While grunge seems to celebrate the aura-rich residue of yesteryear’s garment, what clothes have gained in terms of “character” has been rudely snatched from the models. The new pixie-waifs are getting promoted as the successors to the Supermodels, who seem to have achieved a High Gothic apotheosis (or total market saturation), now that Christy Turlington has achieved Total Fashion Undeath in the form of numerous replicants in the Costume Institute at the Met. Towering above them as their dazzling apogee and poet, RuPaul is the Beauvais Cathedral of Supermodels, a seven-foot-tall drag queen who spreads love, light, and acceptance through virtuosic styling. While Supermodels achieved distinction as pseudopersonalities replete with names, breasts, and power butts, the new crop of “grunge” models are like some kind of anorexic superegoic revenge on sexual difference; sans hips, sans tits, sans adulthood, they are markedly bereft of the “aura” conferred by experience, or, at least, by gender. While kinder gentler garments relieve us of the impossible ideal of perfect commodities, the new models are a less relieving presence; projecting themselves as blank presexual slates, they implicitly neutralize the spirit of real grunge consumers who accept their own endearing imperfections by opening their hearts and closets to shunned styles, or the merely shabby. This healing moment of acceptance is undermined by the obviously brief shelf life of the new faux waif, emphasizing the commoditylike obsolescence of teen looks rather than acceptance of the sublime body of grunge that ages as fabulously as leatherette.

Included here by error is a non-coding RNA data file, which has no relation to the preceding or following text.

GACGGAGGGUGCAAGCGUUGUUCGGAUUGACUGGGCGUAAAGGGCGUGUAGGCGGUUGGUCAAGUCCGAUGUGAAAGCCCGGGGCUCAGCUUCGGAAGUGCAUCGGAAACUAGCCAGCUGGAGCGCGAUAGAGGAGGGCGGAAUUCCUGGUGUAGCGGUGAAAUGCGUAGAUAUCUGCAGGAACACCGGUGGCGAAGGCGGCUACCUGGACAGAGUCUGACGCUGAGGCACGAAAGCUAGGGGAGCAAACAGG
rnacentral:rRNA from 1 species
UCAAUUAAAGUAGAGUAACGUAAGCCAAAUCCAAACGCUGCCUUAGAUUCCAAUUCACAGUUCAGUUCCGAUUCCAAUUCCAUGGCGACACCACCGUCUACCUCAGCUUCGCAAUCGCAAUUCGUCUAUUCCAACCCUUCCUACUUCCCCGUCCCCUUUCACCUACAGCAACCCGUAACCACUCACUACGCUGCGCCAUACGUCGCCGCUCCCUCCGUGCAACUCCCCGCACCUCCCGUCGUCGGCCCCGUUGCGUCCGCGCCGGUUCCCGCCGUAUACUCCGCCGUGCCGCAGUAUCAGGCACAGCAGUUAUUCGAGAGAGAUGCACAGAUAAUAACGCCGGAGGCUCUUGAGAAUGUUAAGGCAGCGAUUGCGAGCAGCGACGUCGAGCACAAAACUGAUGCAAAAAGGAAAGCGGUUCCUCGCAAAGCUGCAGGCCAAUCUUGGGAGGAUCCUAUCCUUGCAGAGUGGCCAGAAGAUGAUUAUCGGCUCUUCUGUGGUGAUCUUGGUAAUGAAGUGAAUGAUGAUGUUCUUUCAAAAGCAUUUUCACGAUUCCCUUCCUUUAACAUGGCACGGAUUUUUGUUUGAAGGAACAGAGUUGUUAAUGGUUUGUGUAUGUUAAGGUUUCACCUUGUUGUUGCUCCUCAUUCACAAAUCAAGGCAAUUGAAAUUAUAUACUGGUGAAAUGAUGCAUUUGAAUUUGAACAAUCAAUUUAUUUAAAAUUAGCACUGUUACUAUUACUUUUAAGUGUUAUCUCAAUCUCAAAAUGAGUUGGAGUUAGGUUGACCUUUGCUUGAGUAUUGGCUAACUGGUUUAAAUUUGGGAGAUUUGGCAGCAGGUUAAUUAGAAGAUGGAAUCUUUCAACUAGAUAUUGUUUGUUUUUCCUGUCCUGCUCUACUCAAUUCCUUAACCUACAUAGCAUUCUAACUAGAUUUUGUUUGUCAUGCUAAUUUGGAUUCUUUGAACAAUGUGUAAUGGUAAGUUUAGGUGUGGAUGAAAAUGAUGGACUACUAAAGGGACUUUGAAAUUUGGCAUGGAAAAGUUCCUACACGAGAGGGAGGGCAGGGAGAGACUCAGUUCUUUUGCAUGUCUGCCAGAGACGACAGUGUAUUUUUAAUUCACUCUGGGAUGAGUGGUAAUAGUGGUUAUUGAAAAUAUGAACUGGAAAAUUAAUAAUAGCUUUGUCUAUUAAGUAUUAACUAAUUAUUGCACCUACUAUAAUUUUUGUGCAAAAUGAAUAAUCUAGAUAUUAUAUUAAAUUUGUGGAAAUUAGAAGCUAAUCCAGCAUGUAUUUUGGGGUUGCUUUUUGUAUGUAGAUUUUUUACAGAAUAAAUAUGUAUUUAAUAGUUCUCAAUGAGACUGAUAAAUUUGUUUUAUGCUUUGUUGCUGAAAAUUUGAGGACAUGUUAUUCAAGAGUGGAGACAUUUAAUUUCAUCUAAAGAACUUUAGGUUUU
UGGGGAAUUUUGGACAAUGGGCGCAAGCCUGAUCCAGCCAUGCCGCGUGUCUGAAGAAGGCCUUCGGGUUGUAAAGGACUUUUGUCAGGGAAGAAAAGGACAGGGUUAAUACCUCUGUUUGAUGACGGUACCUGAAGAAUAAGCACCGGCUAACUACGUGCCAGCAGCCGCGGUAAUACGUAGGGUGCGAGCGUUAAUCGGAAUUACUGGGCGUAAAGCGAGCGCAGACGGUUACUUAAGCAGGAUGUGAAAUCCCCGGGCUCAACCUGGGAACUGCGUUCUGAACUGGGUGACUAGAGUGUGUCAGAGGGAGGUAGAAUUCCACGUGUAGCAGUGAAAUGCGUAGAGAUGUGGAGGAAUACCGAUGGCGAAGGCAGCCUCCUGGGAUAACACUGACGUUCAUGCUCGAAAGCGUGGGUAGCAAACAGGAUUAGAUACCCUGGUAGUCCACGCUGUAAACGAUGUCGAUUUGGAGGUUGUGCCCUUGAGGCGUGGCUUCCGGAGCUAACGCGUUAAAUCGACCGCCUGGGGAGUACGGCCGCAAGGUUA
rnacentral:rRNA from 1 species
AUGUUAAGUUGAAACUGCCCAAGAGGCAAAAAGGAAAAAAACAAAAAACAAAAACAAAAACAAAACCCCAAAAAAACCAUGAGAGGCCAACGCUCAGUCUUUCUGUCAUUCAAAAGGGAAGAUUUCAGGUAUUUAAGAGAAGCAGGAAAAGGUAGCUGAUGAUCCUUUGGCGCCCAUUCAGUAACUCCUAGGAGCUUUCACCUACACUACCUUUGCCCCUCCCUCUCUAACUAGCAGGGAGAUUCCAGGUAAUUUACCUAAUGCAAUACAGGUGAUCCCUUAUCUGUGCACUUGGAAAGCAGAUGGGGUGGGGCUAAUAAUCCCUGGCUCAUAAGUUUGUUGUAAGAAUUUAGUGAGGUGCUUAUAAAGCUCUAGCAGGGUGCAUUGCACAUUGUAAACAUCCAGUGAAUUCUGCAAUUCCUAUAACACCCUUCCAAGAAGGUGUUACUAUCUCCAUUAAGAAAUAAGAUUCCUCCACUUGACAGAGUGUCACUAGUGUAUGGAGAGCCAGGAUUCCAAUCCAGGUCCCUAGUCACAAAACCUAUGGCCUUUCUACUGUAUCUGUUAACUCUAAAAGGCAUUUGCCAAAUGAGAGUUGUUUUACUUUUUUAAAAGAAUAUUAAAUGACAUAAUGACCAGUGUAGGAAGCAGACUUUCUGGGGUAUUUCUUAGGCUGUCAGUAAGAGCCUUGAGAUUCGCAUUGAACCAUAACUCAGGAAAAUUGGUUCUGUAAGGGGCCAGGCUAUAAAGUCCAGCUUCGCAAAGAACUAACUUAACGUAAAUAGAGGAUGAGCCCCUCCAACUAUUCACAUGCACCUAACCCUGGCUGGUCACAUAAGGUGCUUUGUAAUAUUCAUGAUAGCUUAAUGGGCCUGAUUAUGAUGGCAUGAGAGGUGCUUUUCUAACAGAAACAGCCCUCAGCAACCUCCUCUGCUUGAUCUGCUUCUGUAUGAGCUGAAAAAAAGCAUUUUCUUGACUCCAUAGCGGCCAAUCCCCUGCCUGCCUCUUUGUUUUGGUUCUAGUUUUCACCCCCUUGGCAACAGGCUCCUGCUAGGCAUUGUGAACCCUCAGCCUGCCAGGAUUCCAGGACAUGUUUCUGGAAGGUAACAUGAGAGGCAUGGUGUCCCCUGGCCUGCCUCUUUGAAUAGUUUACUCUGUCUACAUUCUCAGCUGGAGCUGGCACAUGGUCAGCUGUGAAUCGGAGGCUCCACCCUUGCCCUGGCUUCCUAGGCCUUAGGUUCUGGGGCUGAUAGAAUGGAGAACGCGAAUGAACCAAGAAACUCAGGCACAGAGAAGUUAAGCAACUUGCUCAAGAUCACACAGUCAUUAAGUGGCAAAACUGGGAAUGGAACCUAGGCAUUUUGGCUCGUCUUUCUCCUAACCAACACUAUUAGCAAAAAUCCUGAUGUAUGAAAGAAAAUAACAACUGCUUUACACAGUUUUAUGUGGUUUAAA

In an uncanny piece of timing Audrey Hepburn died recently, rustling up eulogies of her grand career as the original faux waif. As Holly Golightly, Hepburn was a “real fake”—a winsomely broke, slim waif with an updo who comes to NYC to remake her self in fabulosity. She also played well-dressed waifs in movies like Funny Face, My Fair Lady, and Love in the Afternoon: inevitably a father figure would erupt to Pygmalionize her into social security. The real operative fantasy of the film also included a safety net. She may seem like she is winsomely broke but “really,” that is, in fantasy, she was always already bathed in the aura that you know she’s a Hollywood aristocrat—that is, a real “real fake.”

What then are we to make of the shift in the imaginary sartorial superego, from Supermodel to Waif? The eruption of the Supermodel has to be read in part as the last hangover of the ’80s. Led by a senile WASP Dad imago fighting the Evil Empire, our mythic national self-image was dominated by cartoonish action figures from Rocky and Rambo to the Terminator and Dick Tracy. In the sobering ’90s, a rainbow coalition of lawyers provides the supporting cast for our new Fleetwood Mac-fixated presidency. This supposedly down-to-earth turn is reflected in the sartorial superego by a new openness to recession-proof chic in which it is OK to resurrect nasty ’70s attire, as long as the women thus “freed” from “dressing for success” are also “freed” from being taken seriously as grownups. The imago of the new faux waif is safe and innocent, surely not about to bludgeon a yuppie lawyer with his own corporate tools like Sister Hillary. Go girl.